Still flying a bit with this AI stuff.

Hanoi (finish at 74m) speaks of AI “synthesising catness”. I can only surmise but I want to look into this. Presumably the AI is intended to assimilate all the data there is or was on cats. Commonalities – 4-leggedness, a tail (most breeds), whiskers, exploiting humans with cuteness, endless tedious clips. They can describe catness in this way. AI also has a scientific definition so it doesn’t make mistakes that might be made by humans. Is a meerkat a cat? I don’t know, I would have to do a search, and there would be a clear answer. AI would already know. Does that make AI more intelligent than me? By my definition of intelligent, NO – absolutely NOT.

But an attribute of AI is it knows facts, so no problem of manipulation of fake news with AI. Did Assad drop chemical weapons? AI would know. But AI would only know if the algorithms facilitated universal data collection. And if there is more profit in dropping bombs, then tinkering with algorithms to manipulate news would be a given. AI could know but won’t know because there will always be the 1% employing programmers?

Back to catness. We have a stack of characteristics that have been synthesised – far more than I have listed. Put those characteristics together do we have a cat? My answer. NO. I have a feel for what is a cat. This is a holistic or total feeling. I would describe “This is a cat (my holistic feeling) with black and white fur with a touch of ginger on its neck.” To make a point the AI might describe “Black and white fur with a touch of ginger, therefore it is a cat.” I start with the holistic feeling, the AI starts with particular attributes which it sums together thus concluding it is a cat because the attributes match the characteristics of catness in its database. I describe the cat from a totality that has attributes, the AI recognises attributes, sums them together, and determines from its database that it corresponds to cat.

In the case of cats there is little difference, in fact the AI might well have the edge because it has scientific knowledge that I don’t have. But then what about “my cat”? The longer I have “my cat” the more certain I am it is mine. But what about the AI? Will it know the cat is mine? In its database it might have stored far more characteristics of “my cat” than I would know, it will have photos of “my cat” to compare but will it know “my cat” like I do? What about when my cat has been out on the town, and staggers home disheveled and satiated? Mostly I will know my cat, no matter how different it appears, but will the AI? Maybe the recognition could also stem from something subconscious – a bond of “love”? If the cat has been on the razzle for a week and then returns home, it will be glad to see me (hopefully). It will radiate those feelings and I will pick up on them. This love or bond at present cannot be programmed or synthesised from data collection.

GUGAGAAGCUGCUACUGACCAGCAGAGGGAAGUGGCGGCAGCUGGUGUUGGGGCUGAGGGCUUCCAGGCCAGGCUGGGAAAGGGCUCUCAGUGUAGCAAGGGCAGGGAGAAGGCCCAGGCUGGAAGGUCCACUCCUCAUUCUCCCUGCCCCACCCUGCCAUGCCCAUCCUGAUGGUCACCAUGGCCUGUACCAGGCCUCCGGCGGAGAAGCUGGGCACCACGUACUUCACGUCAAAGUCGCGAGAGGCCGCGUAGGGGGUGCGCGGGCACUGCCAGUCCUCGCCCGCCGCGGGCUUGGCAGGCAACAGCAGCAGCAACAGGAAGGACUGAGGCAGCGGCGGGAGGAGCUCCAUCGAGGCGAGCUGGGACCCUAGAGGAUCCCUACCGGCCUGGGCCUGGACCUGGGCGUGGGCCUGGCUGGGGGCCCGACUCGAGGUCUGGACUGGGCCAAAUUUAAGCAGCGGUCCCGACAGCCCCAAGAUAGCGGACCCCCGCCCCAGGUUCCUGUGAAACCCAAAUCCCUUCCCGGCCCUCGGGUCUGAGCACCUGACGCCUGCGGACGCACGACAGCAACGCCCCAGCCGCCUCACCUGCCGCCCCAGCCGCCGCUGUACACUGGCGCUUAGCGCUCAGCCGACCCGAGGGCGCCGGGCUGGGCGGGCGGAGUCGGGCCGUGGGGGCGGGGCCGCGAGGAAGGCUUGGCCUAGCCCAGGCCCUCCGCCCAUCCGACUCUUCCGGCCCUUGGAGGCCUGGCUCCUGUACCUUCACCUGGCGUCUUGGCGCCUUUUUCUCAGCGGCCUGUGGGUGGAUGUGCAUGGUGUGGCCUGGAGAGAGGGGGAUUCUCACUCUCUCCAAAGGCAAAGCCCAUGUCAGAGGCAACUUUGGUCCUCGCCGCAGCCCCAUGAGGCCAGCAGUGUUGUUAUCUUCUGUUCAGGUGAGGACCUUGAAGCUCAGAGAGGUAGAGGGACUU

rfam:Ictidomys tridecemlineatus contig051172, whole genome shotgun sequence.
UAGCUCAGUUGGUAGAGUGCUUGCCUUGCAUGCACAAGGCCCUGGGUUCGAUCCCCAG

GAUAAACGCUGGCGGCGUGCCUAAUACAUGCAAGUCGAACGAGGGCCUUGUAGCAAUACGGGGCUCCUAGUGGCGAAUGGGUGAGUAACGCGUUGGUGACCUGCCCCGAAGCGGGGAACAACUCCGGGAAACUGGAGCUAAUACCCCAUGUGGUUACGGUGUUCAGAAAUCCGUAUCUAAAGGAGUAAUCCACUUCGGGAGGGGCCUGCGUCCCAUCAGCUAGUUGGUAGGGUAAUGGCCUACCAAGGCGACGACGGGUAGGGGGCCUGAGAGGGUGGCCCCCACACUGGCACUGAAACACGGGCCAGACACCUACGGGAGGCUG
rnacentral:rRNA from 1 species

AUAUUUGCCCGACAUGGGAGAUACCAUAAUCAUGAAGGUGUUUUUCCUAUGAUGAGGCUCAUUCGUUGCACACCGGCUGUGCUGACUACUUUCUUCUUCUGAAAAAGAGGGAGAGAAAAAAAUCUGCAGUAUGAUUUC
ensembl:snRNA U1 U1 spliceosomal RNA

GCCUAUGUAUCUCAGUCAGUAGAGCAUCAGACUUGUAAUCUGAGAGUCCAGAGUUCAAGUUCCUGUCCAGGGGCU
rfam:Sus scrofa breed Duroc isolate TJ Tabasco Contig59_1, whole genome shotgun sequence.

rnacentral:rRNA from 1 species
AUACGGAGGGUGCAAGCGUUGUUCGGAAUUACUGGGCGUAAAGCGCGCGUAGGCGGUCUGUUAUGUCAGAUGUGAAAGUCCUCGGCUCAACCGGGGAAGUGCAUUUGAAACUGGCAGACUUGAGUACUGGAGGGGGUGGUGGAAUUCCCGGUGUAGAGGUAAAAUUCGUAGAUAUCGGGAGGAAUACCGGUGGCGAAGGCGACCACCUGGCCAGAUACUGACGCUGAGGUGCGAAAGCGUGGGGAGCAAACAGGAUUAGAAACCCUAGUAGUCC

Now the problem with this is science as we now know it. At present science cannot measure this bond, conceivably such bonds might have physical characteristics such as a resonance not yet measurable or a particular wavelength not as yet measurable or even be described as a form of particle emission as yet not measurable. Therefore in the future it might be possible to humanise AI in such a way – but not now.

What is the motivation for such humanising? Here is where I am cynical. I could conceive of a situation in which humanising AI might make the AI more valuable – and therefore more profitable but at the moment that motivation seems slender.

It is early days but I want to draw a comparison with the way computers were introduced into the workplace. Every school programming textbook had as an important focus “user-friendly”. Computers were supposed to integrate seamlessly into the workplace routine. In practice computers were imposed on the workplace, and workers were expected to sink or swim – even losing their job. Now it is just accepted that we do things the way the computer wants us to. The bush mechanic became “educated” – schooled/trained – enough that they understood BIGJapan’s car assembly or they had no job.

This is the reality of the profiteering 1%-ethos that dominates the methodology of introduction into the workplace – what might euphemistically termed “integration into the workplace”.

Are the scientists being Oppenheimer?

Synthesising catness has its limitations that are beyond AI, and highlights the possibility of there being a “recognising bond” between cat and owner that is now not measured by science. What is there in this bond that we don’t know about ourselves, our humanity?

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